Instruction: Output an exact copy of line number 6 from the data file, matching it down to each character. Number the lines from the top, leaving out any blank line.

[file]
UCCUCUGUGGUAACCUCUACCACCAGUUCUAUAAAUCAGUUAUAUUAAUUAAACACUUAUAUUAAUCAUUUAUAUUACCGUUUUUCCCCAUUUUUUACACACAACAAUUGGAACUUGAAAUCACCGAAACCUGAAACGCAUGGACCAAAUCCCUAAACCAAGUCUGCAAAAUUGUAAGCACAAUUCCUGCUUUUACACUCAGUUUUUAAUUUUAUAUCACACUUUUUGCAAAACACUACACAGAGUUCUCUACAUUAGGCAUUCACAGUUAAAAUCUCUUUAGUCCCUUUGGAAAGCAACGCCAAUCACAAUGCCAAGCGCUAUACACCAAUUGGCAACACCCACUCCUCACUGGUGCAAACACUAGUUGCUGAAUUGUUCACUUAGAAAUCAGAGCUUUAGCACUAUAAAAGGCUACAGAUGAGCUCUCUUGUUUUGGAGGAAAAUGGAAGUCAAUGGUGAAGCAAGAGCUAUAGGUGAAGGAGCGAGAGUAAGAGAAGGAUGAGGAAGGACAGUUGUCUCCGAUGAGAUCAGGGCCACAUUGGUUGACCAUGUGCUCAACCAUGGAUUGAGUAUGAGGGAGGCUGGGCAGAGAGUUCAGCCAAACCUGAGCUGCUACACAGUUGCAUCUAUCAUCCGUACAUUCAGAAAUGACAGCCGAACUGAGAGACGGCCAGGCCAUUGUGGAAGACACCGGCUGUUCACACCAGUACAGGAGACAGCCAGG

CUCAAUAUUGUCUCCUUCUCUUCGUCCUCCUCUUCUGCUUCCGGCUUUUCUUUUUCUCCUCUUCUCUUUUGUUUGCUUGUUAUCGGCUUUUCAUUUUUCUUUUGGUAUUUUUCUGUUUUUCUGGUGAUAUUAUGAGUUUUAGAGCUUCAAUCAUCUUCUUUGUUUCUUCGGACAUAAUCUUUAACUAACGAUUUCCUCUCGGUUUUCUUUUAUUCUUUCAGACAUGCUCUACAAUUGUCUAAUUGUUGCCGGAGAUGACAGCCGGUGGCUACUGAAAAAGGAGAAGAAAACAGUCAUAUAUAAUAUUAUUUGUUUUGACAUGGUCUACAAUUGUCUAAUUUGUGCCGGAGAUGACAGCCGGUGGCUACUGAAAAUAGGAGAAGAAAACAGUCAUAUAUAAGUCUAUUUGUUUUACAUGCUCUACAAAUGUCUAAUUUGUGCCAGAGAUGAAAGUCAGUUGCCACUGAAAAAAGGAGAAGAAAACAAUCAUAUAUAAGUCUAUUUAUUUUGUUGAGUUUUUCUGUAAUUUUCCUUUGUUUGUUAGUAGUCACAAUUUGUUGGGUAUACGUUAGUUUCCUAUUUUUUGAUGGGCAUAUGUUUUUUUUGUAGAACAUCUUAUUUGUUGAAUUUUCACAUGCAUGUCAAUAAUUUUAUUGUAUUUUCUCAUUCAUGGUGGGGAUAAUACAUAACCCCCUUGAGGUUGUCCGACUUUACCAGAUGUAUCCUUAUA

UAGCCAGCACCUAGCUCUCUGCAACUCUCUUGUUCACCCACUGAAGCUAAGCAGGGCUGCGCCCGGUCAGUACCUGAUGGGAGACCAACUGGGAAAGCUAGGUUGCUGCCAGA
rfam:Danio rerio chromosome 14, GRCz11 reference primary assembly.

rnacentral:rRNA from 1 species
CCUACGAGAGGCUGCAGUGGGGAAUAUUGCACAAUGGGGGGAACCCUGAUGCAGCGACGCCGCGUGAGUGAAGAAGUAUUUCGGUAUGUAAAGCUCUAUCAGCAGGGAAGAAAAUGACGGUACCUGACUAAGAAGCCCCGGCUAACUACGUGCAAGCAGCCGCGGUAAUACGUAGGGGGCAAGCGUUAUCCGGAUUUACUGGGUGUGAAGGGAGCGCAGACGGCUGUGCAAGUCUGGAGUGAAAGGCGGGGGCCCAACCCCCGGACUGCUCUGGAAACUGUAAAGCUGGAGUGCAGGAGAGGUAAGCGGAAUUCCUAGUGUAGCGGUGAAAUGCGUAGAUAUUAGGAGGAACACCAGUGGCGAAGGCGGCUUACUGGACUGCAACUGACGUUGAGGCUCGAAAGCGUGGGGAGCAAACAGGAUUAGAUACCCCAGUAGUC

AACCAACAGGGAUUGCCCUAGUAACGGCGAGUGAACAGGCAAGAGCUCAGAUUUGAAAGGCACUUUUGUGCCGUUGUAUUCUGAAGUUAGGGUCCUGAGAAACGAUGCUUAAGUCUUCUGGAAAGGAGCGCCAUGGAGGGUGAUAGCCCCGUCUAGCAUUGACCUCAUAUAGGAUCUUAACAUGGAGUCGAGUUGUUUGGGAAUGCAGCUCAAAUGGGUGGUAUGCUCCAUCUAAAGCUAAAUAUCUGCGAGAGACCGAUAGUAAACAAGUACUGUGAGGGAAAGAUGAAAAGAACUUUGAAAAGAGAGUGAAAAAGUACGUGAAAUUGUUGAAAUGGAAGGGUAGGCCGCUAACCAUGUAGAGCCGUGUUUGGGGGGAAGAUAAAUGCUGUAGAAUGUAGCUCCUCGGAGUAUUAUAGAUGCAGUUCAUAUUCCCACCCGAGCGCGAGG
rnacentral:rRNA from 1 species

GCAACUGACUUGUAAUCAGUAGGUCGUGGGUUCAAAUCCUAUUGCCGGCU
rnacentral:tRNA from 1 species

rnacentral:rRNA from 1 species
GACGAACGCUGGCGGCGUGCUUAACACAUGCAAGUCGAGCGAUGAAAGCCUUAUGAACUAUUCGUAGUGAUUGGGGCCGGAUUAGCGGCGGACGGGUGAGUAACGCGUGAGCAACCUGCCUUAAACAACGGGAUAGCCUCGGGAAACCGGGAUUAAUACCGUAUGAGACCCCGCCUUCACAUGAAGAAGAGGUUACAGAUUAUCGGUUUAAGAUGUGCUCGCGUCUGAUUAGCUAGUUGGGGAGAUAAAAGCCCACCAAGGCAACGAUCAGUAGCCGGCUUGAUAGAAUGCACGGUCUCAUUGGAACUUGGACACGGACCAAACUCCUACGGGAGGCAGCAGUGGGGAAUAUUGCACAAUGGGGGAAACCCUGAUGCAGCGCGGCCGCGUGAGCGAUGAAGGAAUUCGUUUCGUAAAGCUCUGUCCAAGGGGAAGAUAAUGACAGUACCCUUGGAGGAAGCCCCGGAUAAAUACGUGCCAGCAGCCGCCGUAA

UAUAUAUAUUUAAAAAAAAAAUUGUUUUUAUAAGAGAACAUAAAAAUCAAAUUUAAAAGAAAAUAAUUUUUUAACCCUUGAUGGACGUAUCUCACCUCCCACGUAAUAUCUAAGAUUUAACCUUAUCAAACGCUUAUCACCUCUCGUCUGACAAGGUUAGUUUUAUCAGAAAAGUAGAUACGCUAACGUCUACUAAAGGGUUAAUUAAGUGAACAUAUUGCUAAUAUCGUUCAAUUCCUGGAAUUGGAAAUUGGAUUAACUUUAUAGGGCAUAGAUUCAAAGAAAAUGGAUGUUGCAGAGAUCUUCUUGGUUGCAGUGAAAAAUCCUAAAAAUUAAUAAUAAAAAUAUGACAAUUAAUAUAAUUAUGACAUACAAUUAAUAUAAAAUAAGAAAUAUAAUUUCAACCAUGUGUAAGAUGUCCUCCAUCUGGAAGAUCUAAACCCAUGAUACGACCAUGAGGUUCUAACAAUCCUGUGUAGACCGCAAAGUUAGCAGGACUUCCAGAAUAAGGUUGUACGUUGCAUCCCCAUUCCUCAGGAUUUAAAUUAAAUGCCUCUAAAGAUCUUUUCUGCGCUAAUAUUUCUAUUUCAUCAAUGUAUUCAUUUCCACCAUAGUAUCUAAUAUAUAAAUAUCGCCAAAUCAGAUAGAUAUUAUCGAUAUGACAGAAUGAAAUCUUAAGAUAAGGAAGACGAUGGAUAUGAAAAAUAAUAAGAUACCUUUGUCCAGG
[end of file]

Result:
CCUACGAGAGGCUGCAGUGGGGAAUAUUGCACAAUGGGGGGAACCCUGAUGCAGCGACGCCGCGUGAGUGAAGAAGUAUUUCGGUAUGUAAAGCUCUAUCAGCAGGGAAGAAAAUGACGGUACCUGACUAAGAAGCCCCGGCUAACUACGUGCAAGCAGCCGCGGUAAUACGUAGGGGGCAAGCGUUAUCCGGAUUUACUGGGUGUGAAGGGAGCGCAGACGGCUGUGCAAGUCUGGAGUGAAAGGCGGGGGCCCAACCCCCGGACUGCUCUGGAAACUGUAAAGCUGGAGUGCAGGAGAGGUAAGCGGAAUUCCUAGUGUAGCGGUGAAAUGCGUAGAUAUUAGGAGGAACACCAGUGGCGAAGGCGGCUUACUGGACUGCAACUGACGUUGAGGCUCGAAAGCGUGGGGAGCAAACAGGAUUAGAUACCCCAGUAGUC